Some excerpts from the talk:

Manu gupta: How did you test the claims of Prahlad Jani ?

Dr. Sudhir Shah : In 2003, I studied Prahlad Bhai for ten days. This was to verify if the claims were true. They were. In 2010, we did the tests to see how this can be true. For this study, the DIPAS decided the protocol. Prahlad Bhai was kept in a closed room with a glass door. The toilet was sealed. There was 24-hr monitoring with CCTV and a person lived in his quarters for observation. He was given only 100 ml water for washing his mouth and it was measured afterwards. He did not bathe for the first seven days. After seven days, he was given water for bathing and it was measured before and after the bath. He did not pass urine. He would form around 100 ml of urine, but later absorb it within the bladder.The investigation protocols were decided by DIPAS. They are an independent body who came in to picture after I requested the former President Dr. Abdul Kalam to consider the vast potential of this case.

Manu gupta: What can be the reason behind this phenomenon?

Dr. Sudhir Shah : I have formed a hypothesis, which includes a) chronic adaptation, b)deriving energy from cosmic sources ) recycling energy within the body, and d) genetical or structural changes. For more details, check my website www.sudhirneuro.org Manu guta: Okay. We see that the Vedic literature and tradition is filled with stories of s?dhus possessing mystic powers. For example, in anoanga-yoga there is a kriya called khecara-mudra, in which the practitioner elongates his tongue, rolls it back, and then touches it to the back of the uvula hanging from the palate above. Once the yoga does it, he can access nectar, which descends from the head.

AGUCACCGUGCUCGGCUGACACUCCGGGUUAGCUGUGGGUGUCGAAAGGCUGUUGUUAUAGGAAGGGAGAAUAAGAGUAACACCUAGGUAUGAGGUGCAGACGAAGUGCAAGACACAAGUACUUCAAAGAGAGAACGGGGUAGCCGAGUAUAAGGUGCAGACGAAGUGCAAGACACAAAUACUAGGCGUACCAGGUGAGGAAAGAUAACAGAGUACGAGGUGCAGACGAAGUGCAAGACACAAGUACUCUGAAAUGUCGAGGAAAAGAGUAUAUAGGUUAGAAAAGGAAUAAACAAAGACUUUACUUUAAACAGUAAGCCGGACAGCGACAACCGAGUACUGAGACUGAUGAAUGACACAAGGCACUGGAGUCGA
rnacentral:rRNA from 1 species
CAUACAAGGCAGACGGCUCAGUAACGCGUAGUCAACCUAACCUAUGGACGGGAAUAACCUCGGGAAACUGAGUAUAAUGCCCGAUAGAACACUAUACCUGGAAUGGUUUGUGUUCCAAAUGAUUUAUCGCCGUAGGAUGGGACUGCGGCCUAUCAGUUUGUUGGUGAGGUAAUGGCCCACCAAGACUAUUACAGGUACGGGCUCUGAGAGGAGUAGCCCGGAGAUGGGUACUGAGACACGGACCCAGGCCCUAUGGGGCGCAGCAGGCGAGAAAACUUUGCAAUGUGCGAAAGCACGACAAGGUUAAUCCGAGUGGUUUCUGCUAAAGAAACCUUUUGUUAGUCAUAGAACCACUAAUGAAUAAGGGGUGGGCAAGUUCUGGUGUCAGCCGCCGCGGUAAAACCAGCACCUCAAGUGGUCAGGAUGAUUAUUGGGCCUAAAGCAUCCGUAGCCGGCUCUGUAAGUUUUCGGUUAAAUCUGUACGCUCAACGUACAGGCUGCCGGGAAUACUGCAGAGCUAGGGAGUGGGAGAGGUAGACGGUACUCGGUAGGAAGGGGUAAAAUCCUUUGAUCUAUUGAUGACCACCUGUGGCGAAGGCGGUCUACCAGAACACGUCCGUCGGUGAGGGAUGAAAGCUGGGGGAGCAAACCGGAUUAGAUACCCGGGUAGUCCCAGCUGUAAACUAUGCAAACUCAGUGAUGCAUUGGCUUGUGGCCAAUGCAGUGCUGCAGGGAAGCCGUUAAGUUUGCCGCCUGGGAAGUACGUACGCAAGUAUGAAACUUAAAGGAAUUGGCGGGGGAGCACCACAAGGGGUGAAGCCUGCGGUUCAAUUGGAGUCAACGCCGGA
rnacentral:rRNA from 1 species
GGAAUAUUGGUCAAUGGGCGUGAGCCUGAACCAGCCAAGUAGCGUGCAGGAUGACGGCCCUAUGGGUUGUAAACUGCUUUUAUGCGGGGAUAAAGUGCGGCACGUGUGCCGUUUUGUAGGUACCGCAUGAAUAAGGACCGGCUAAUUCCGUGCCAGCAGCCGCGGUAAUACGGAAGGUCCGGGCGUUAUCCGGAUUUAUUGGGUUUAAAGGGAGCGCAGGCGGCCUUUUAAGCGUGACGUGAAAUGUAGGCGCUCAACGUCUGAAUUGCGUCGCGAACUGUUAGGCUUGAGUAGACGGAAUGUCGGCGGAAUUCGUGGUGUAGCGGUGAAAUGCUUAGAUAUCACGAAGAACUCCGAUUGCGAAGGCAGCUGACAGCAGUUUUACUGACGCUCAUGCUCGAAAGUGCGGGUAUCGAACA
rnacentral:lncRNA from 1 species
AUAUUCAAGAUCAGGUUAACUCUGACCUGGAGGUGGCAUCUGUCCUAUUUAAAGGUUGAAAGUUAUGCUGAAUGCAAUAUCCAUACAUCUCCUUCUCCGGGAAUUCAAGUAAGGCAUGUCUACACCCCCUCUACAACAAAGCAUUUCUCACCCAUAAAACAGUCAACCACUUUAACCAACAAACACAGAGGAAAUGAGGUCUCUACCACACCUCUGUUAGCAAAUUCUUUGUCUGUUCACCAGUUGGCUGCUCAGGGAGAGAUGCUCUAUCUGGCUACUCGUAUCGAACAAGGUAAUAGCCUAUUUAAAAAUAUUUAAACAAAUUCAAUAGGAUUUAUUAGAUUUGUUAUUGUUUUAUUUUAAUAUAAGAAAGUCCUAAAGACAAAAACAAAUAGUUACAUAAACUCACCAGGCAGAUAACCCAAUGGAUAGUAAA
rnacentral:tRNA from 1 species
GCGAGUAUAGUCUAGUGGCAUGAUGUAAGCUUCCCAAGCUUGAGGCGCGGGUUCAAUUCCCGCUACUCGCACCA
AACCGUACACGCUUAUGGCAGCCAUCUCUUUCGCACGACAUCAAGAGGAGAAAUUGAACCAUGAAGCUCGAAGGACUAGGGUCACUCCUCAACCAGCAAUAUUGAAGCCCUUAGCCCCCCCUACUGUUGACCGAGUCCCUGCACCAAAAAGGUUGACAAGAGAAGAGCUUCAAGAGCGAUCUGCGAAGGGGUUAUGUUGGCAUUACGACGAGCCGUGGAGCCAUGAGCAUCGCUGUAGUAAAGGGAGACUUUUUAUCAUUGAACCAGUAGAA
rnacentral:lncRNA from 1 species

Dr. Sudhir Shah: Yes. Also by raising the kueoalin (a subtle energy located in the spine) to the top of the head, one can access the nectar. This nectar has the power to provide all nutrition. There are some contemporary yogis who have this power and also there are two cases of non-eating sadhus mentioned in The Autobiography of a Yogi.

Manu gupta: Yes, they are postulated to access the solar energy through the medulla oblongata, a part of the lower brain, just above the spinal cord. Also yogis like Baba Ramdev mention that there are subtle nutrients in the atmosphere, which can give nourishment to the body.

Dr. Sudhir Shah (laughs): May be this is the reason why some people are unable to put off weight, even when they hardly eat anything.